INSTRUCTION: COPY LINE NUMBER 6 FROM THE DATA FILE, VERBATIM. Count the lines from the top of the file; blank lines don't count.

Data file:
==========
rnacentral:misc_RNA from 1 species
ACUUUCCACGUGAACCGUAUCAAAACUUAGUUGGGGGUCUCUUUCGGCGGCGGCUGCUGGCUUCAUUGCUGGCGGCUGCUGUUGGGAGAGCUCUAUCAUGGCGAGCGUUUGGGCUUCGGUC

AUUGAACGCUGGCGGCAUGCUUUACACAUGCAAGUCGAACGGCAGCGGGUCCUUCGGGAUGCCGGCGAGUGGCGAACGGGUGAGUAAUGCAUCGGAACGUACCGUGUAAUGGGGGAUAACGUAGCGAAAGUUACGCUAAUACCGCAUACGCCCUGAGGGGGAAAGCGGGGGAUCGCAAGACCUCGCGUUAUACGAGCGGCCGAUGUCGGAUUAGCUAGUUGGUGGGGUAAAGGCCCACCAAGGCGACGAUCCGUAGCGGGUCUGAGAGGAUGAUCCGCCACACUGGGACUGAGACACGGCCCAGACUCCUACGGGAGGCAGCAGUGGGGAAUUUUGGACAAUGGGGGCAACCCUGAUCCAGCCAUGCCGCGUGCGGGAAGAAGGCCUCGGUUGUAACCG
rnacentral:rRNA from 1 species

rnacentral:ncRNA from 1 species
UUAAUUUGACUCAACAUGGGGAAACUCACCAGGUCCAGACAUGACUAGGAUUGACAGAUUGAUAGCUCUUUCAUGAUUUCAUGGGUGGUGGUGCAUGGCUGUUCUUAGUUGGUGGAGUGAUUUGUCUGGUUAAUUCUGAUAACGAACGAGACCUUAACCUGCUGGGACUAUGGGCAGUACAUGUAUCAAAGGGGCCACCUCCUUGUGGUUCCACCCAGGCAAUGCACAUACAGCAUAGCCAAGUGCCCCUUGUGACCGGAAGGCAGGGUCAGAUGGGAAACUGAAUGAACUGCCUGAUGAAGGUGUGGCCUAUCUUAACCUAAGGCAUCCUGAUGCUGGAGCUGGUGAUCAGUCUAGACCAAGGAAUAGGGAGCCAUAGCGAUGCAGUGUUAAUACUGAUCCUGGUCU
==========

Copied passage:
UUAAUUUGACUCAACAUGGGGAAACUCACCAGGUCCAGACAUGACUAGGAUUGACAGAUUGAUAGCUCUUUCAUGAUUUCAUGGGUGGUGGUGCAUGGCUGUUCUUAGUUGGUGGAGUGAUUUGUCUGGUUAAUUCUGAUAACGAACGAGACCUUAACCUGCUGGGACUAUGGGCAGUACAUGUAUCAAAGGGGCCACCUCCUUGUGGUUCCACCCAGGCAAUGCACAUACAGCAUAGCCAAGUGCCCCUUGUGACCGGAAGGCAGGGUCAGAUGGGAAACUGAAUGAACUGCCUGAUGAAGGUGUGGCCUAUCUUAACCUAAGGCAUCCUGAUGCUGGAGCUGGUGAUCAGUCUAGACCAAGGAAUAGGGAGCCAUAGCGAUGCAGUGUUAAUACUGAUCCUGGUCU